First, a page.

Getting past one investment property

Wednesday, 4th Jul 2012
Categories: Finance, Newsletter

one investment property

Many people ask us why the average investor doesn’t get past one investment property.  Research done some time ago by the Australian Bureau of Statistics shows that most investors only purchase one.

  • 93.5 % of people do not own any investment property;
  • 4.0% own one investment property;
  • 1.49% own 2-4 investment properties; and
  • Only 0.1% own 5 or more properties.

In recent years, these figures have changed, but still the vast majority of people do not own a substantial number of investment properties and very few own 5 or more investment properties.

If you understand the mindset and strategy of the average investor, then you will know why.

The average investor will usually put down 20% as a deposit on a property.  They decide to start saving for an investment property and this may take many years of saving (we will assume 5 years in this example).  In addition, they will also require funds for stamp duty, which can be as high as 5% of the purchase price, and also borrowing expenses, (fees and charges, and stamp duty on the mortgage).

That purchaser will usually pay market value for the property, then rent the property out and wait for capital growth to generate equity.  Typical investors don’t understand what drives capital growth and property profits, and they will usually select properties with average capital growth rates.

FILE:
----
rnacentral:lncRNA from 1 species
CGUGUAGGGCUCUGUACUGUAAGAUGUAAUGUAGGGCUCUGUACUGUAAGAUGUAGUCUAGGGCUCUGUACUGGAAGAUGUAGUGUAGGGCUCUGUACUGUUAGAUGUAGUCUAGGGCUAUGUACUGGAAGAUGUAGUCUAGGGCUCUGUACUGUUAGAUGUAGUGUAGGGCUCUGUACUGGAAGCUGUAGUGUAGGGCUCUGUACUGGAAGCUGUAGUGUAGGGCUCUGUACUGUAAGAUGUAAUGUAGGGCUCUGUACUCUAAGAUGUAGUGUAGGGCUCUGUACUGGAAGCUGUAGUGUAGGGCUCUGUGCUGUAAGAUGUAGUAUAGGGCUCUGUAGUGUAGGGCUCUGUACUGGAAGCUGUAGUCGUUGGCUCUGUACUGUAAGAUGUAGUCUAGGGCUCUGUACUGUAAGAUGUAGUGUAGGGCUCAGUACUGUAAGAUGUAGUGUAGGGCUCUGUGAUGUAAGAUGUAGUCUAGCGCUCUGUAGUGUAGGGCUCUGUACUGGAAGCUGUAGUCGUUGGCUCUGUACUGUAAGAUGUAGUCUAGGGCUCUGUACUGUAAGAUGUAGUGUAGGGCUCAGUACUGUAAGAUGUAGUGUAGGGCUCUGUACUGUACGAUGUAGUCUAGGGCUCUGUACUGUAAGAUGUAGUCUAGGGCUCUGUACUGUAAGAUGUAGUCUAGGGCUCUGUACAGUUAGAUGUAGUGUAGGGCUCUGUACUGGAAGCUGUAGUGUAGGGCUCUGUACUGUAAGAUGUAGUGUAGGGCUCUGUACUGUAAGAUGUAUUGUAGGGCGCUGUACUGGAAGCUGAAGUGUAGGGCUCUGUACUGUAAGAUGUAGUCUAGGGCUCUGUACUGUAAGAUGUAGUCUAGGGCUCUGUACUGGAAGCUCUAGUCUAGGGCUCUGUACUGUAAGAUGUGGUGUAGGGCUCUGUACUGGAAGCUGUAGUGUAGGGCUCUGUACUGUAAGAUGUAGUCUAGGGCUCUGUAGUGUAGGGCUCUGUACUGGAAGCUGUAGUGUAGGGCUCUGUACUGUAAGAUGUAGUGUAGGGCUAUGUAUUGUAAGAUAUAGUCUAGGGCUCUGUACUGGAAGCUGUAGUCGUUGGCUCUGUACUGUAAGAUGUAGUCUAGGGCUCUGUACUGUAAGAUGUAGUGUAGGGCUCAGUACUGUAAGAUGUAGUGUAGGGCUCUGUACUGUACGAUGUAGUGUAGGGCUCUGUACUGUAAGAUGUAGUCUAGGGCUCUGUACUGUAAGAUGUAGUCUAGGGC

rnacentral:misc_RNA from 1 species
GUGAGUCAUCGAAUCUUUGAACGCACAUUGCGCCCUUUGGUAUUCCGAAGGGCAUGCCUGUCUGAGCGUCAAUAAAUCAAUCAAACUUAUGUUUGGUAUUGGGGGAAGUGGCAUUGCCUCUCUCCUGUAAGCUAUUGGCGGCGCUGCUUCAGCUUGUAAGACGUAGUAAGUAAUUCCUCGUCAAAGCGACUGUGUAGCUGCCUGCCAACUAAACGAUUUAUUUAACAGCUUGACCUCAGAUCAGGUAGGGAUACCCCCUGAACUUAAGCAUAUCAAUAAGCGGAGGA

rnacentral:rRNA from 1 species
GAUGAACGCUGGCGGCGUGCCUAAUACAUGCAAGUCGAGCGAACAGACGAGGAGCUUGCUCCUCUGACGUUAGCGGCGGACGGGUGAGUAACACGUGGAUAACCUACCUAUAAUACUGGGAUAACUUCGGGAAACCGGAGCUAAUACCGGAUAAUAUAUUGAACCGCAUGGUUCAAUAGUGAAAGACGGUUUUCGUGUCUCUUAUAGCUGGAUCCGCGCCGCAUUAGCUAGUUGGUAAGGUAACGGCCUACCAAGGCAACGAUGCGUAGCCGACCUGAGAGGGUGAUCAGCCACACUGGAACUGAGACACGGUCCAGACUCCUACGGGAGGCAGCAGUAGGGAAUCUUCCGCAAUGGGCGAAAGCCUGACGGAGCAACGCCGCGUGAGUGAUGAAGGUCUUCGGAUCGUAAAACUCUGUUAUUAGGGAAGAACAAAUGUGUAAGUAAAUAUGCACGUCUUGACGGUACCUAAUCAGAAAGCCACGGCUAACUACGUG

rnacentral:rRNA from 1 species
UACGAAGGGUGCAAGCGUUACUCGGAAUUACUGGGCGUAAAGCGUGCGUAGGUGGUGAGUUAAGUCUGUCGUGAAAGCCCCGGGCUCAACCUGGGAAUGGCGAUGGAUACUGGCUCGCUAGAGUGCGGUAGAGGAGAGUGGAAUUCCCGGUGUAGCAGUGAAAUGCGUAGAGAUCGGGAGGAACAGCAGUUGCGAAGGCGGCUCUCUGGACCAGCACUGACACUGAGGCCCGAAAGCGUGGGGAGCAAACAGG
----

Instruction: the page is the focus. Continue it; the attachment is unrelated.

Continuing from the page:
In the first year, the purchaser may only just break even, as the price of the property may rise enough to cover the stamp duty on purchase.  In many cases where capital growth is moderate, it may be 2 years before a property has increased enough in value for the purchaser to cover the costs of stamp duty and other settlement and borrowing costs.

In the third year the purchaser finally starts to make some profit.  The average investor has waited 7 years from the time of deciding to purchase an investment property to actually generating any profit!

In order to buy another property, the purchaser normally needs to generate another 20% equity.  In a moderate growth area, this may take another 5 years or more.  They will only be in a position to buy a second investment property 12 years after first making that decision to invest.

In a large percentage of cases, the average investor will get dissatisfied with the returns on the property and not even get to the stage of considering a second property investment.  Many will sell within the first 5 years and re-join the ranks of people who own no investment property.

Smart investors understand that there are ways to speed up the process. If you understand how to access your equity to purchase more property and purchase high growth properties, you can build a substantial property portfolio much more quickly than you think.